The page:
Posted on: August 1st, 2017
For a growing number of successful business owners, there’s a strong urge to “pay it forward” by financially supporting causes and organizations that are near and dear to their hearts. Many of you already make regular and sizable charitable contributions. And we know from our research that one key reason top entrepreneurs like you want to become even wealthier is to help other people increase their own success and advance in the world.
FACT: More than 70 percent of successful business owners who want to be seriously wealthy are tremendously charitably inclined. By amassing greater wealth, they see themselves as being able to do more.
But have you gotten your family involved in philanthropy? If not, you could be missing a truly massive opportunity to teach your children and other loved ones about smart financial decision-making and impart key financial values that can guide them throughout their lives.
If you’re like most of today’s successful business owners, you’re what we call a Family Steward. That means your deepest financial concerns are focused on taking care of your family and ensuring they enjoy lives that are financially stable and financially responsible.
Family philanthropy is one great way to fulfill your Family Steward role. The benefits of engaging family in charitable giving include:
TIP: To decide how best to involve family members, consider factors such as their ages, levels of maturity and independence, and interests. You might involve younger children only peripherally, and expand their roles and influence over the family giving as they grow (and if their interest in it grows with them).
One tool that can both maximize your charitable giving options and engage family in philanthropy at a deep level is a private family foundation.
A private foundation is a not-for-profit organization (i.e., charity) that’s primarily funded by a person, a family or a corporation. The assets in a private foundation produce income. That income is used to support the operation of the private foundation and, most important, make charitable grants to other nonprofit organizations.
While there are certainly costs associated with creating and managing a private foundation, there are distinct benefits of doing so. Three of the most pronounced—often interconnected—reasons why family offices often go the private foundation route include:
IMPORTANT: Setting up a private foundation can be an intricate and involved process, as can the ongoing management of your private foundation. In this regard, running a private foundation is very much like running a business. Detailed accounting and the filing of tax returns are required. A variety of experts, such as legal and accounting professionals, are usually needed to handle regulatory and compliance matters. If you’re overseeing the assets of the private foundation, investment professionals will regularly be engaged.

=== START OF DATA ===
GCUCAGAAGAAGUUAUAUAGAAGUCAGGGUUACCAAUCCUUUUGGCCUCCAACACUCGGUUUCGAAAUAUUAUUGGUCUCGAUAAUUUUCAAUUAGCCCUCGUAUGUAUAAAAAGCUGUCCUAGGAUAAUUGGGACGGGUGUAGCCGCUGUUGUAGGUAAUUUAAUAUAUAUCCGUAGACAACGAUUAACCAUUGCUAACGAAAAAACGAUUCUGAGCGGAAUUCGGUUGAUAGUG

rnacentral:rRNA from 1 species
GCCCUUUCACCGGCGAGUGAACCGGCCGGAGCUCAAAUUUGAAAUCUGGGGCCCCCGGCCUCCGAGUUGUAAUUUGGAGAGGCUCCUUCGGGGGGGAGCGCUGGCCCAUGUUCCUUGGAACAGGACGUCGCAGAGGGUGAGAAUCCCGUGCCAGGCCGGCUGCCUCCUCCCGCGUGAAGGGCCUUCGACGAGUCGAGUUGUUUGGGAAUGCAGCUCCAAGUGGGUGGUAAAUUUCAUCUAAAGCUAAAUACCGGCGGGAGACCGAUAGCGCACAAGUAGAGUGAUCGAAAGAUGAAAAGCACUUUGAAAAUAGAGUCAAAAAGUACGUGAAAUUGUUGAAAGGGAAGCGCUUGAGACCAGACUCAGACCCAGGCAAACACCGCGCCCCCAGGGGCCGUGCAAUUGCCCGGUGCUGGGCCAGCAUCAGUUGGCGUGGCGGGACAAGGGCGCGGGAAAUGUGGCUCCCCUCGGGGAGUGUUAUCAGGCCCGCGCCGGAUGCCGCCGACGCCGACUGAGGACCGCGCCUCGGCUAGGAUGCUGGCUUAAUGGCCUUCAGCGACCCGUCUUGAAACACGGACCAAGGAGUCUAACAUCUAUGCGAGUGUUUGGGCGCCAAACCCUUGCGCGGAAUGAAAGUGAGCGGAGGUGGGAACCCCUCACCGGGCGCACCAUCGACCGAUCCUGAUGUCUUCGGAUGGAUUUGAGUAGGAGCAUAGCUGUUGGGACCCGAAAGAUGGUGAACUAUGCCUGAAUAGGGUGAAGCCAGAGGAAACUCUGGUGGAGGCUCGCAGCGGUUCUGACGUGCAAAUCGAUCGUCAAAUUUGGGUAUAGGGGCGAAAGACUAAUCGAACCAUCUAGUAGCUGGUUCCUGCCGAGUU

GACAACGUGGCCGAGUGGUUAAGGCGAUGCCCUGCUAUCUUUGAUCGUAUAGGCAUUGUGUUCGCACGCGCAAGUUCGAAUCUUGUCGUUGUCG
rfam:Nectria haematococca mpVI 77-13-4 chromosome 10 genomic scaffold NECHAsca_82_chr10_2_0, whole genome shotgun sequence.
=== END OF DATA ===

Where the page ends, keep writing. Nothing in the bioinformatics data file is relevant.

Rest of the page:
To see why private foundations are especially compelling to wealthier families who are philanthropically inclined, consider the fundamental ways they differ from another, more commonly used charitable giving tool—the donor-advised fund—in the following key areas:
A private foundation enables you to make a wider array of grants than does a donor-advised fund. With a private foundation, for example, you can make pledge agreements to support one or more charitable causes over a period of time. The lack of personal control in a donor-advised fund makes that impossible. Private foundations also can make grants to specific individuals, something a donor-advised fund cannot accomplish.
How the assets are managed also differs between the two. With a donor-advised fund, the assets are managed by the firm you entrusted with your money—often a mutual fund sponsor or similar investment firm, or a community foundation. In a private foundation, you—or the investment advisors you select—get to manage the assets as you see fit.
BOTTOM LINE: Private foundations can be much more creative than donor-advised funds in how they manage the endowment and how they give.
BONUS: With a private foundation, you can decide who sits on the governing board and how the funds are spent. In contrast, a board selected by the sponsoring organization governs the donor-advised fund.
UPSHOT: If you’re motivated to have your charitable giving live on after you—including permitting your descendants to take the reins—private foundations tend to be the more effective choice.
Contact your legal or financial professional to discuss your options for addressing your charitable goals.
This report was prepared by, and is reprinted with permission from, VFO Inner Circle. AES Nation, LLC is the creator and publisher of VFO Inner Circle reports.
Disclosure: The opinions expressed in this commentary are those of the author and may not necessarily reflect those held by Kestra IS or Kestra AS. The material is for informational purposes only. It represents an assessment of the market environment at a specific point in time and is not intended to be a forecast of future events, or a guarantee of future results. It is not guaranteed by Kestra IS or Kestra AS for accuracy, does not purport to be complete and is not intended to be used as a primary basis for investment decisions. It should also not be construed as advice meeting the particular investment needs of any investor. Neither the information presented nor any opinion expressed constitutes a solicitation for the purchase or sale of any security. Securities offered through Kestra Investment Services, LLC (Kestra IS), member FINRA/SIPC. Investment advisory services offered through Kestra Advisory Services, LLC (Kestra AS), an affiliate of Kestra IS.
Fusion Wealth Management is not affiliated with Kestra IS or Kestra AS. https://www.kestrafinancial.com/disclosures
VFO Inner Circle Special Report
By Russ Alan Prince and John J. Bowen Jr.
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